Fortunately, Boggs was still quite a useful player. He smashed righties with a .328 average and continued to put up terrific numbers at Yankee Stadium. While he did not win his third straight Gold Glove, he maintained his smooth work at the hot corner, showing surprising mobility for a player his age. He was a leader in the clubhouse and his batting approach was a master course for the team's younger hitters to observe. Boggs was nearly impossibly to strike out, finding ways to foul off pitch after pitch until he either found what he wanted or drew one of his 67 walks that year.
The playoffs were not especially kind to the veteran. Boggs doubled in his first at-bat in Game 1 of the Division Series and came around to score, but then inexplicably went 0-for-22 through the next two rounds. He couldn't snap the skid until a multi-hit game in Baltimore during the ALCS Game 5 clincher. Boggs did pick up three hits in the first two World Series games, but he was the only Yankee to drive in a run as the team dropped both by a combined score of 16-1. With southpaws Tom Glavine and Denny Neagle starting the next two games, Boggs took a seat on the bench.
Boggs still got to reach his pinnacle Yankee moment in Game 4. They had won the previous day and rallied from a 6-0 deficit to force extra innings on Jim Leyritz's three-run homer. The bases were loaded in the 10th with two outs and a tough lefty in Steve Avery on the mound. Torre countered with Boggs, the last threat on his bench to pinch-hit for infielder Andy Fox. What followed was a classic Boggs at-bat: he fell behind 0-2 but battled back to force a full count, and on the 3-2 pitch, Avery threw one high to walk Boggs, bringing the go-ahead run in from third base.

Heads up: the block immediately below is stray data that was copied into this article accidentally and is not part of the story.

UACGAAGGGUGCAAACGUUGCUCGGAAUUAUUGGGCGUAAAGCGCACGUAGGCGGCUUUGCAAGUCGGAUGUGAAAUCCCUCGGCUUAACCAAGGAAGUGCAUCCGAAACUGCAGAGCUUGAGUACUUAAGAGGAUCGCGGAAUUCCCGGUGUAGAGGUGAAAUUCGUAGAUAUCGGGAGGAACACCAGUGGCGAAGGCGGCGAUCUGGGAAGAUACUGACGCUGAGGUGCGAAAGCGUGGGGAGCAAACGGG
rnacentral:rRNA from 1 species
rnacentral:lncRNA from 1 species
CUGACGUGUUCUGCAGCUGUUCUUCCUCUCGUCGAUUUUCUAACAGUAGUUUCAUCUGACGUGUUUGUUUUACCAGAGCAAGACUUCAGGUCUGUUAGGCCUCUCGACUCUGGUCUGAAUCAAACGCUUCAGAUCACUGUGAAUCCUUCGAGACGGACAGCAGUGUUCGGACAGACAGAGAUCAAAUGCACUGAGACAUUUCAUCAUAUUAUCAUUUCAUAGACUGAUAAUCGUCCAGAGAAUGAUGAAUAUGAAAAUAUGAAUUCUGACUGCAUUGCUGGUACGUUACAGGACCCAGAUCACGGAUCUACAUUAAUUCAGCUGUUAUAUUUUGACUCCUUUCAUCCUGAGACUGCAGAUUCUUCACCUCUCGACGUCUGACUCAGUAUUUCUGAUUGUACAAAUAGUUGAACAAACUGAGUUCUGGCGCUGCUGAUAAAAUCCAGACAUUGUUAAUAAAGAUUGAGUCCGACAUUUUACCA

The Yankees won the game and a few days later wrapped up the championship, earning Boggs his coveted World Series ring. In an iconic image during the celebration, Boggs conquered a personal fear and circled the field with a policeman on horseback.
What did he do after?
After spending one more solid year with the Yankees platooning at third with Hayes and falling short of a repeat, Boggs went home. He was not retiring though; instead, he signed a two-year deal with the expansion Tampa Bay Devil Rays to complete his march to 3,000 hits. That moment came on August 9, 1999, as he surprised fans at Tropicana Field by becoming the first player to homer for number 3,000 (his '96 teammate Derek Jeter followed suit 12 years later).
Boggs retired after the '99 season with 3,010 hits, 578 doubles, 91.1 WAR, and an impressive lifetime triple slash of .328/.415/.443 in 18 years. He was an easy first-ballot selection to the Baseball Hall of Fame in 2005 with 91.9% of the vote (yes, 42 BBWAA writers decided that Wade Boggs wasn't a Hall of Famer), and recently, the Red Sox finally announced that they would retire his number 26 at Fenway Park on May 26, 2016. His legacy may belong to a rival, but both Boggs and Yankees fans will fondly recall that his championship glory will forever be tied to the '96 champions.